Thursday, March 29, 2018

Blog Post No. 2500: E. Simms Campbell in Color—Esquire Cartoons from 1935

On Amazon, a seller has taken a number of issues of Esquire from 1935 and carefully removed full-page cartoons, of which there are many, selling them as individual cartoon "prints." We have already seen that some issues of the magazine had as many as four full page black and white cartoons by African-American cartoonist E. Simms Campbell and now we find the same for the color cartoons. His specialty was drawing attractive women, often in little or no clothing, but his range is surprisingly broad. Here are the 1935 color cartoons offered for sale on Amazon.

In April, we see a young couple for whom things already are not going well:
"Damn!  Can't you even cook?"
E. Simms Campbell
Esquire, April 1935, page 43

Campbell's "Harem Girls" were a popular recurring feature in Esquire. Here a bravura illustration entices us with...the merchandise.
"Sorry, buddy—you'll have to deliver them at the trade entrance[.]"
E. Simms Campbell
Esquire, April 1935

The information on the above issue date comes not from Amazon but from the Comic Art Fans site, which has the original art:
"Sorry, buddy—you'll have to deliver them at the trade entrance[.]"
E. Simms Campbell
Original art
 April 1935
The Illustrator in America, page 212
Ex-collection Walter Reed

A Pacific island cartoon has one of Campbell's better captions. The original artwork to this gag was sold at Illustration House on November 4, 2000. The date of the issue comes from there.
"You'd think the damn fools never saw baskets before[.]"
E. Simms Campbell
Esquire, May 1935, page 78

As already demonstrated, the "Harem Girls" series gave rise to some disturbing scenarios of how the women were regarded by the sultan as property. Was this ever funny?
If found, please return to Abdul Ullah
E. Simms Campbell
Esquire, June 1935, page 41

Oh, come on. You know what he means...
"It's nothing—just the usual reaction[.]"
E. Simms Campbell
Esquire, August 1935, page 173

Campbell's artwork gets the spelling of tattooing right, but the caption drops a t. What's fascinating, though, is how an African-American cartoonist treated racial humor in a magazine aimed predominantly at white men. One wonders to what extent Campbell created his own gags and whether gag writers were involved.
"—of course there's an extra charge for tat[t]ooing in reverse[.]"
E. Simms Campbell
Esquire, September 1935, page 41

Most juries don't want to be sequestered.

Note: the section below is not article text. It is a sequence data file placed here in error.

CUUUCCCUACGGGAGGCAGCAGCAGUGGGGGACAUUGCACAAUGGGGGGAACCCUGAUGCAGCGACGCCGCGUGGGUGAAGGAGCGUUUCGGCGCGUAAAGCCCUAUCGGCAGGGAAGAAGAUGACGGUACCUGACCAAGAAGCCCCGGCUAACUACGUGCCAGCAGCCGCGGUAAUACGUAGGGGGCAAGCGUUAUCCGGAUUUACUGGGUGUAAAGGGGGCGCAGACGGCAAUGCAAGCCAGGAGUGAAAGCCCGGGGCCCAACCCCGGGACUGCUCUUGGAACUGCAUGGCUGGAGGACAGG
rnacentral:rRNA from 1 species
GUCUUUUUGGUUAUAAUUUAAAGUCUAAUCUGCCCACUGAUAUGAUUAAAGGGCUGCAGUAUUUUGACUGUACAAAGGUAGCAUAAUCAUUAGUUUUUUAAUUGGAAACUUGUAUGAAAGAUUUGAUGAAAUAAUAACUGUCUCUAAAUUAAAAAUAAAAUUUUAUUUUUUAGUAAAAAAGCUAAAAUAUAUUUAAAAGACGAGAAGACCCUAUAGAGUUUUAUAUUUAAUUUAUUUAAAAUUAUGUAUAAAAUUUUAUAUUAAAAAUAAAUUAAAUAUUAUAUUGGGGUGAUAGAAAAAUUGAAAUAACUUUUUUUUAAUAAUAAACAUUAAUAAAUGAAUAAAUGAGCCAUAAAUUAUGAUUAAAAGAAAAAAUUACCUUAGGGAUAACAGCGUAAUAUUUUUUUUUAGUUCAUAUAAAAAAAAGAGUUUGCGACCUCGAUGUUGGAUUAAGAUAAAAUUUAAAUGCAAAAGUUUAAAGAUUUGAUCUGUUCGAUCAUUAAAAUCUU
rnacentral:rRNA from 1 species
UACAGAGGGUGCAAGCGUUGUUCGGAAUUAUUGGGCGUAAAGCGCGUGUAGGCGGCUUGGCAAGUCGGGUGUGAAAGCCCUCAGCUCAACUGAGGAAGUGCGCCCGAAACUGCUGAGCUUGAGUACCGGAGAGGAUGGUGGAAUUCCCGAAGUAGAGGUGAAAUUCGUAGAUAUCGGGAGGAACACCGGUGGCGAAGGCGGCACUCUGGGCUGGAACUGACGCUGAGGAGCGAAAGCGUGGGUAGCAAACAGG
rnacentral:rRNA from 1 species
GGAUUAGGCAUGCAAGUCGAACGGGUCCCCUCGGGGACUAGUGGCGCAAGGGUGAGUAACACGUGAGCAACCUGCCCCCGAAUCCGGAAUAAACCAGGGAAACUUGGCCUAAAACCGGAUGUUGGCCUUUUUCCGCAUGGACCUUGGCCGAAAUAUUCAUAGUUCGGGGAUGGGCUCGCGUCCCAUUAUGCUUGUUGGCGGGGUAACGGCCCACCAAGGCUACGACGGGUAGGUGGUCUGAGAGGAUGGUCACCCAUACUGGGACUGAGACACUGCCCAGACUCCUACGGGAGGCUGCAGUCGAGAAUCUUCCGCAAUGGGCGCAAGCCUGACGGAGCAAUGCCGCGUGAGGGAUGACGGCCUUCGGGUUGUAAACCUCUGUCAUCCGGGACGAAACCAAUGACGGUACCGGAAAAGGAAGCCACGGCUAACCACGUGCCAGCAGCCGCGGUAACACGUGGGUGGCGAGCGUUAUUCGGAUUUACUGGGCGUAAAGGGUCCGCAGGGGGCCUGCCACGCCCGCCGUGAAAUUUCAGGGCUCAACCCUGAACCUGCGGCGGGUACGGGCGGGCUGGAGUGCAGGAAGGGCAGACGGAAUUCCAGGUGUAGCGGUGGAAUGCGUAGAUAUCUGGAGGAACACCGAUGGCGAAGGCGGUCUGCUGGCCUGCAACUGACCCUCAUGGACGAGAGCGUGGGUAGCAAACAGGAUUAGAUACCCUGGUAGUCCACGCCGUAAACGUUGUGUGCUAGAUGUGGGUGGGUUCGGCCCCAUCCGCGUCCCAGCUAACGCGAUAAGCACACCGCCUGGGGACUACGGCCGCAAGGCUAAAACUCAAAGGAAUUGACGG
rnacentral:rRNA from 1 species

"Are you going to lock us up for the night, Your Honor?"
E. Simms Campbell
Esquire, September 1935, page 53

Not jailbait:
"That's just what I'm afraid of—that you are old enough[.]"
E. Simms Campbell
Esquire, September 1935, page 71

Cartoons about sexual assault are alarmingly common in men's magazines of this time period. Some cartoons, like this one, require the reader to figure out the line that precedes the caption.
"—but lady—I ain't got no sister[.]"
E. Simms Campbell
Esquire, September 1935, page 93

Gags about drinking to excess, even on the job, were also commonplace.
"Whom do you call in a case like this?"
E. Simms Campbell
Esquire, October 1935, page 65

The following cartoons are from 1935, but for now they lack an issue date.

"I don't see any parade[.]"
E. Simms Campbell
Esquire, 1935

Smart kids, those Esquire readers.
"They said they were developing some film[.]"
E. Simms Campbell
Esquire, 1935

The sultan needs some me time.
"Thank God for onions!"
E. Simms Campbell
Esquire, 1935, page 30

How about that? Unfortunate dialect features prominently in this one.

"What a coincidence—so youse from the south too?"
E. Simms Campbell
Esquire, 1935, page 34

What exactly has Mr. Jacobs been up to? We close with some revivifying humor...
"Tell me about Mr. Jacobs in the morning—you'll find
smelling salts and iodine on the table[.]"

E. Simms Campbell
Esquire, 1935, page 34

Note:  At post time, all of these cartoons are available for purchase on Amazon. Simply follow the aqua link below each image.

Youse know what? Attempted Bloggery has been looking at the work of cartoonist E. Simms Campbell (1906-1971) for a good few weeks now. Interested readers can help carry on this worthy endeavor by submitting high-resolution scans or photographs of original Campbell art or of obscure published works like these. I would be happy to add to this post additional color Campbell cartoons from Esquire issues dated 1935.

The Esquire cartoons in the latter part of this post have years and page numbers, but alas no month. Please help me out if you can. I am, after all, a stickler for these things.

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